ADVANCED PLACEMENT PHYSICS (1 Credit) (Lab Course) (Grades 11 or 12)

This course is the equivalent of a first semester algebra-based college physics course. It follows the College Board guidelines for the Advanced Placement Physics I Curriculum. This advanced level course covers Newtonian mechanics (including rotational dynamics and angular momentum); work, energy, and power; and mechanical waves and sound.  It will also introduce electric circuits.  This course is strongly recommended to students who have an interest in physics, engineering, or mathematics and wish to be enrolled in a highly challenging course of study. Experimentation and follow-up reports will provide students with the opportunity to engage in hands-on applications of their knowledge of physical concepts. Students enrolled in Physics should acquire the skills necessary to solve problems logically and sequentially and should gain an understanding of physical phenomena. Lab practices and research writing are an integral part of this curriculum.  (Pre-requisite:  Algebra II)

ADVANCED PLACEMENT CHEMISTRY (1 Credit) (Lab Course) (Grades 11-12)

This course is the equivalent of a first-year college Chemistry course and follows the College Board's guidelines for the Advanced Placement curriculum. Topics covered include mass relations, gas behavior, atomic structure, chemical bonding, solution chemistry, reaction rates, chemical equilibrium, acid-base chemistry, electrochemistry, and thermodynamics. This course is especially recommended for students having good quantitative reasoning skills, along with a strong interest in science, and who seek to improve their preparation for college. Lab practices and research writing are an integral part of this curriculum.  (Prerequisites: Biology; Algebra II concurrently or have completed; Physics concurrently or have completed.  Pre-AP summer work may be required; teacher recommendation required).

ANATOMY AND PHYSIOLOGY (1 Credit) (Lab Course) (Grade 12)

This course is designed to provide students with a basic understanding of structure and functions of the human body.  All major systems of the body will be covered; as well as laboratory skills, bioethical issues, and health related topics.  This course is a college preparatory course.  Some dissection is part of the course.  Lab practices and research writing are an integral part of this curriculum. (Pre-requisites:  Chemistry and Physics; This course may also be taken for honors credit)

EARTH SCIENCE (1 Credit) (Lab Course) (Grade 12)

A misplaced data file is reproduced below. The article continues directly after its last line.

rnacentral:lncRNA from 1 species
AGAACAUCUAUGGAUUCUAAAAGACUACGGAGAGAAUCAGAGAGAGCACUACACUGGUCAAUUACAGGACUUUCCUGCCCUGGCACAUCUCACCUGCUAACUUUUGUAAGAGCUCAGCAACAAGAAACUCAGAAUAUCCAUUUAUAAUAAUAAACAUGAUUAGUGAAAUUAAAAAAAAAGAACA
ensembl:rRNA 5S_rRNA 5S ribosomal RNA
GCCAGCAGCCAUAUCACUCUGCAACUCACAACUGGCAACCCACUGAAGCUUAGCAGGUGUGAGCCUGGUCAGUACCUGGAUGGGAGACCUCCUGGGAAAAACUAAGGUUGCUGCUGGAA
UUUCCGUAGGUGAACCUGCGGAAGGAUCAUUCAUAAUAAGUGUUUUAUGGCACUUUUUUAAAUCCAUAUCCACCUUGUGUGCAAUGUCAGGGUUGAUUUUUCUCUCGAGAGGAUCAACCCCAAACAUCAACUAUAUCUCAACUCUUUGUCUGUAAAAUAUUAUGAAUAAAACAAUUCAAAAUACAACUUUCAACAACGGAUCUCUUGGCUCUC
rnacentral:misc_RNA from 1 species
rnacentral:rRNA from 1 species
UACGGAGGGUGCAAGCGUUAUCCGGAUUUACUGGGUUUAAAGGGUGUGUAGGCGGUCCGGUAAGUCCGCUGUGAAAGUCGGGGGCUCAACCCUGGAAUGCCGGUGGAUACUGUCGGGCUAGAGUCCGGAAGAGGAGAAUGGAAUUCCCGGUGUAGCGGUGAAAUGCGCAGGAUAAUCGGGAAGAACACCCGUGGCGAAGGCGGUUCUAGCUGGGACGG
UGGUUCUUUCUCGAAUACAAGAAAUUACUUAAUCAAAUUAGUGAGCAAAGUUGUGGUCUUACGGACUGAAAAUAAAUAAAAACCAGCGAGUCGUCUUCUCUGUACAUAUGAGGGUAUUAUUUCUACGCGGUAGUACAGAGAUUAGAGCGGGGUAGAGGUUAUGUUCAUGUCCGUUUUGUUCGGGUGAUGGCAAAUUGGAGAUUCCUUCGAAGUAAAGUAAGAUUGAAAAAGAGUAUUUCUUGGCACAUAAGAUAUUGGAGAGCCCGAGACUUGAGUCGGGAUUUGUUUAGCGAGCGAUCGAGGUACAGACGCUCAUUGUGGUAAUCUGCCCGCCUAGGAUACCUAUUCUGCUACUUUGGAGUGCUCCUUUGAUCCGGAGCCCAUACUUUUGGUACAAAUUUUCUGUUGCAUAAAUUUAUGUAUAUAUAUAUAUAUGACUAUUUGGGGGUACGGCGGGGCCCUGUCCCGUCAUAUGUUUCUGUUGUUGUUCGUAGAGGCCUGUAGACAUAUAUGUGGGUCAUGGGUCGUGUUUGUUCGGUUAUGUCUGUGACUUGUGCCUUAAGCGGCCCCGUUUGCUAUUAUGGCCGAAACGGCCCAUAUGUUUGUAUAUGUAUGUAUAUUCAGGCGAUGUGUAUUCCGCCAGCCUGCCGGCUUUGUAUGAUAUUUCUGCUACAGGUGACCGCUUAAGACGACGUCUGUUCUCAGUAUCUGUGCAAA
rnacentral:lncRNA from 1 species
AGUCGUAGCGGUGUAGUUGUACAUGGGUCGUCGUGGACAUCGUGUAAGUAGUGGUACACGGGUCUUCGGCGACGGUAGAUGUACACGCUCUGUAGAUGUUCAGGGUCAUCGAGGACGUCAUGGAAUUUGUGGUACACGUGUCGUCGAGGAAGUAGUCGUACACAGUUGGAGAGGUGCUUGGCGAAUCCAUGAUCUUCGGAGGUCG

Earth Science is a laboratory course offered to Seniors focusing on the study of space (the celestial universe), Earth’s atmospheric and geologic forces, the ocean’s and their role as they help to shape our world as well as how humans have impacted the earth with respect to natural resources, climate change and sustainability. Students will explore topics in astronomy, meteorology, oceanography and geology and gain an understanding of how the science of the Earth affects their everyday life. The focus will be on the application of fundamental concepts and principles as powerful tools in understanding the interconnectedness of the Earth’s Systems.  Lab practices and research writing are an integral part of this curriculum.  (Pre-requisites: Biology, Chemistry requirements fulfilled.  This course may be taken for honors credit)

A.P. ENVIRONMENTAL SCIENCE (1 Credit) (Lab Course) (Grades 11 - 12) (Not offered in the 2018-2019 school year)

The A.P. Environmental Science course is designed to be equivalent to an introductory college course in environmental science.  This course has been developed as a rigorous science course providing the scientific principles, concepts, and the methodologies. Grade 11 students must take physics concurrently.   (Pre-requisites: Biology, Chemistry requirements fulfilled.)

PHYSICAL SCIENCE (1 Credit) (Lab Course)

Chemistry is the study of the properties, composition, structure, and interactions of matter.  Physics is the study of the relationship between matter and energy.  This course introduces the fundamental concepts of scientific inquiry, the structure of matter, chemical reactions, forces, motion, and the interactions between energy and matter.  This course will serve as a laboratory-based introduction to possible future course work in chemistry or physics while ensuring a mastery of basics of each discipline.  The ultimate goal of the course is to produce scientifically literate citizens capable of using their knowledge of physical science to solve real-world problems and to make personal, social, and ethical decisions that have consequences beyond the classroom walls. This course may only be taken with permission from the Science Department Head.